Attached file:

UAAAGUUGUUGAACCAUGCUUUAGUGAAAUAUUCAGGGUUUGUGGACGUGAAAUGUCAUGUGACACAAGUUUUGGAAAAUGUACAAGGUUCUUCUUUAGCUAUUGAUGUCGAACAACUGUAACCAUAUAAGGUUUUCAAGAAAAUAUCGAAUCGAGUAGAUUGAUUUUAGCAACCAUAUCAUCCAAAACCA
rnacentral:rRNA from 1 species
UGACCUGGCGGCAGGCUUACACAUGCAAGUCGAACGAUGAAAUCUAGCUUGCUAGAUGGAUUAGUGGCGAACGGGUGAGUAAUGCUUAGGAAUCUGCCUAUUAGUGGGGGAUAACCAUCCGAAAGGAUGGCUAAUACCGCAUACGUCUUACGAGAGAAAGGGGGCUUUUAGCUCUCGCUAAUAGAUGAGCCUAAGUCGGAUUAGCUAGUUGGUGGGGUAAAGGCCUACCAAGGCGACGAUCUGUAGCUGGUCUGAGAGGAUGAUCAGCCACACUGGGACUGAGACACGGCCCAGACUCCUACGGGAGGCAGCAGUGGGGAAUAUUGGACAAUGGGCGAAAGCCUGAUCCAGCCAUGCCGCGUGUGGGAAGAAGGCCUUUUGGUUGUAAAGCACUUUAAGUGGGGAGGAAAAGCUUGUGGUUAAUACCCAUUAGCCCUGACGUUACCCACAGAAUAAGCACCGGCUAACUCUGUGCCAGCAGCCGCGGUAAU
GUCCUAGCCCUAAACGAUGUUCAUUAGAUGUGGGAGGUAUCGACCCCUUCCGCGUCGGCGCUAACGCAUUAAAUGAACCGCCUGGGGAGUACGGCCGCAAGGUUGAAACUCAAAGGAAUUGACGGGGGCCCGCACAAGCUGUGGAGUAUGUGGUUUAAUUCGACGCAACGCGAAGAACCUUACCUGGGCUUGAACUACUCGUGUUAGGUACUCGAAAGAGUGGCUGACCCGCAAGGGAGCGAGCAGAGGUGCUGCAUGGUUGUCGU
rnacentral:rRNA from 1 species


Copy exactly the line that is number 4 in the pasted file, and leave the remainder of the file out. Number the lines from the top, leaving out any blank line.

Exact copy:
GUCCUAGCCCUAAACGAUGUUCAUUAGAUGUGGGAGGUAUCGACCCCUUCCGCGUCGGCGCUAACGCAUUAAAUGAACCGCCUGGGGAGUACGGCCGCAAGGUUGAAACUCAAAGGAAUUGACGGGGGCCCGCACAAGCUGUGGAGUAUGUGGUUUAAUUCGACGCAACGCGAAGAACCUUACCUGGGCUUGAACUACUCGUGUUAGGUACUCGAAAGAGUGGCUGACCCGCAAGGGAGCGAGCAGAGGUGCUGCAUGGUUGUCGU